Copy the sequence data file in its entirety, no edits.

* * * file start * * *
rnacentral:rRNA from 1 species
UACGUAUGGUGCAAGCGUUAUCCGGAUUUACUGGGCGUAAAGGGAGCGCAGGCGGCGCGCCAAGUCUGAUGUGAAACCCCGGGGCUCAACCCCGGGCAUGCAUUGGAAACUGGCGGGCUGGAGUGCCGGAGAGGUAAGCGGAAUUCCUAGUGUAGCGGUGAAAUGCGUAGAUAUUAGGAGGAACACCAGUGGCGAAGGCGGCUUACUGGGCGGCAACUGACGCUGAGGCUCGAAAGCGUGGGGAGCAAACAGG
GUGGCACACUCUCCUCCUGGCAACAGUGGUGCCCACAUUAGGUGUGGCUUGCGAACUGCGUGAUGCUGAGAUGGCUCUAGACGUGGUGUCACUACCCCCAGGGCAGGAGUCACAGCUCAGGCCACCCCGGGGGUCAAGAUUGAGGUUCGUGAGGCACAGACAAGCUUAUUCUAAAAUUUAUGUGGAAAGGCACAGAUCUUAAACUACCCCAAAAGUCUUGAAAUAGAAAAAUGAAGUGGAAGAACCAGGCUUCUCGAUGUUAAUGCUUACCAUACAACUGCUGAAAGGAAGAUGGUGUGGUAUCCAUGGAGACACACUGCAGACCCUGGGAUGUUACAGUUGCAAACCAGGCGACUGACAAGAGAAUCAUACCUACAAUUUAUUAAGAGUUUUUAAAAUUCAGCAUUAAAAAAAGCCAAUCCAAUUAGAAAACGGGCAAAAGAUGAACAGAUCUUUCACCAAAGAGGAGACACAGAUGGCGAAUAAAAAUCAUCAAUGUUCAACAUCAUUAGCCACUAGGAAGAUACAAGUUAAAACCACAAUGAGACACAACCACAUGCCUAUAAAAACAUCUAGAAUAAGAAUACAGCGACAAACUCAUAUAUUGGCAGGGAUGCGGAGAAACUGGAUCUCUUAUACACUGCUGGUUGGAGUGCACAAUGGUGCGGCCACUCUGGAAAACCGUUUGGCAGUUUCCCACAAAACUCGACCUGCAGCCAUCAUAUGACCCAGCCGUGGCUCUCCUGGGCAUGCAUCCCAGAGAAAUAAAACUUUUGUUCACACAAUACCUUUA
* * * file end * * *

rnacentral:rRNA from 1 species
UACGUAUGGUGCAAGCGUUAUCCGGAUUUACUGGGCGUAAAGGGAGCGCAGGCGGCGCGCCAAGUCUGAUGUGAAACCCCGGGGCUCAACCCCGGGCAUGCAUUGGAAACUGGCGGGCUGGAGUGCCGGAGAGGUAAGCGGAAUUCCUAGUGUAGCGGUGAAAUGCGUAGAUAUUAGGAGGAACACCAGUGGCGAAGGCGGCUUACUGGGCGGCAACUGACGCUGAGGCUCGAAAGCGUGGGGAGCAAACAGG
GUGGCACACUCUCCUCCUGGCAACAGUGGUGCCCACAUUAGGUGUGGCUUGCGAACUGCGUGAUGCUGAGAUGGCUCUAGACGUGGUGUCACUACCCCCAGGGCAGGAGUCACAGCUCAGGCCACCCCGGGGGUCAAGAUUGAGGUUCGUGAGGCACAGACAAGCUUAUUCUAAAAUUUAUGUGGAAAGGCACAGAUCUUAAACUACCCCAAAAGUCUUGAAAUAGAAAAAUGAAGUGGAAGAACCAGGCUUCUCGAUGUUAAUGCUUACCAUACAACUGCUGAAAGGAAGAUGGUGUGGUAUCCAUGGAGACACACUGCAGACCCUGGGAUGUUACAGUUGCAAACCAGGCGACUGACAAGAGAAUCAUACCUACAAUUUAUUAAGAGUUUUUAAAAUUCAGCAUUAAAAAAAGCCAAUCCAAUUAGAAAACGGGCAAAAGAUGAACAGAUCUUUCACCAAAGAGGAGACACAGAUGGCGAAUAAAAAUCAUCAAUGUUCAACAUCAUUAGCCACUAGGAAGAUACAAGUUAAAACCACAAUGAGACACAACCACAUGCCUAUAAAAACAUCUAGAAUAAGAAUACAGCGACAAACUCAUAUAUUGGCAGGGAUGCGGAGAAACUGGAUCUCUUAUACACUGCUGGUUGGAGUGCACAAUGGUGCGGCCACUCUGGAAAACCGUUUGGCAGUUUCCCACAAAACUCGACCUGCAGCCAUCAUAUGACCCAGCCGUGGCUCUCCUGGGCAUGCAUCCCAGAGAAAUAAAACUUUUGUUCACACAAUACCUUUA